After 75 days of a 15-person team juggling challenging work on three simultaneous schedules, 12 minutes of footage for Michał Łubiński’s stop-motion short Astra has been completed at the Audiovisual Technology Center in Wrocław. The project enters post production with a premiere planned for mid 2022.
The new film by Łubiński (Bed Side Story) is a universal story about sisterly love, great adventures and the inevitable difficulties of life. The story centers on six-year-old Astra, who tries to stop her sister from taking part in a dangerous mission. However, when Anna needs help, the little girl embarks on a rescue mission to space on her own without hesitation.
“A film set usually means large constructions or virtual scenography, but this time everything was in miniature,” noted Robert Banasiak, Director of the CeTA Audiovisual Technology Center in Wrocław, producer of the film. “We [were introduced] to Michał Łubiński and his project Astra in 2018 in Łódź during the ANIMARKT Stop Motion Forum. We were happy to decide to make this film in our studio, because we also want to be present in the area of the production of animated films.”
Before the puppets made their on-set debuts, many weeks of preparation were needed. “First, I made drawings of figures, then 3D models, based on which elements of the head and some body fragments were printed in 3D technology,” Łubiński explained. Creating the puppets required precise manual work, crafted with talent and experience. The puppets for Astra were created by a team from Łódź: Piotr Knabe, Dariusz Kalita, Agnieszka Mikołajczyk and Agnieszka Smolarek, Beata Jarmuż-Socha and Anna Szcześniak.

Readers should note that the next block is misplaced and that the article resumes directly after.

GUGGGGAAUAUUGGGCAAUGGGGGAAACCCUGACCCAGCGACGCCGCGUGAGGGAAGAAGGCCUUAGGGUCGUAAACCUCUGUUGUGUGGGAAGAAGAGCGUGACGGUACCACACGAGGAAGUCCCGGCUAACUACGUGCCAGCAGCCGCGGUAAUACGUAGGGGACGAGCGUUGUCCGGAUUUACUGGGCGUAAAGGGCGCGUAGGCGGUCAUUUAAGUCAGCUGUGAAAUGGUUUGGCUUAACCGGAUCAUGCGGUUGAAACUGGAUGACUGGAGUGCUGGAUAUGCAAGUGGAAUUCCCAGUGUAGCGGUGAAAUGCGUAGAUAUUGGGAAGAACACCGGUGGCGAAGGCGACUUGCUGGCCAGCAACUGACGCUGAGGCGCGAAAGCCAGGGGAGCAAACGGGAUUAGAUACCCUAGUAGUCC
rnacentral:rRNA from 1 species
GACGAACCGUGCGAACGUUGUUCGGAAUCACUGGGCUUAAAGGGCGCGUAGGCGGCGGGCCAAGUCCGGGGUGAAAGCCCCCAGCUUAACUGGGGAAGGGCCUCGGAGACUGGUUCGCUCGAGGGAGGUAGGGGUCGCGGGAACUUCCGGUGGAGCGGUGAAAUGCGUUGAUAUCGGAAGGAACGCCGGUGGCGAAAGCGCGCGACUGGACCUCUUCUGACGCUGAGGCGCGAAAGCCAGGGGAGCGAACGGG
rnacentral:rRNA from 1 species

“Łódź is famous in the world for its excellent specialists who create animation puppets,” said Katarzyna Gromadzka from MOMAKIN, the film’s executive producer. “The Astra project gathered six recognized [artists] with great experience in the production of Wes Anderson’s Isle of Dogs and Suzie Templeton’s Oscar-winning Peter and the Wolf.”
The film’s story unfolds across many locations, starting in Astra’s tiny room, through corridors of the science center, to a ship in outer space. The range of the scale is large, which was quite a challenge for the set and props team led by Jacek Spychalski from the CeTA Animation Studio and for the puppet makers.
“Astra’s hands, which are about one centimeter long, turned out to be a difficulty when working on a scale of 1:6. We animated her tiny fingers, built on thin wires, so we had as many as seven pairs of interchangeable hands for the character,” noted Łubiński. “We also used a very attractive and original technique of ink in water to reproduce the cosmos. To obtain the effect of slow motion, the movement of mixing fluids was recorded with higher frames per second rate. I couldn’t do it all at home, animating on my own. The possibility of using CeTA facilities guaranteed us the world standard of production and working conditions.”
Łubiński is an architect whose passion is animation, to which he devotes his every free moment. His first film, Bed Side Story, was recognized by film festivals such as the Warsaw International Film Festival and the Zubroffka Short Film Festival, and won two awards.
Astra was co-financed by the Polish Film Institute and the Ministry of Culture, National Heritage and Sport. In recent weeks, the institutions supporting the project have been joined by EC1 Łódź – City of Culture as part of the Łódź Film Fund. The project was the winner of the 2018 Pitching competition of the ANIMARKT Stop Motion Forum.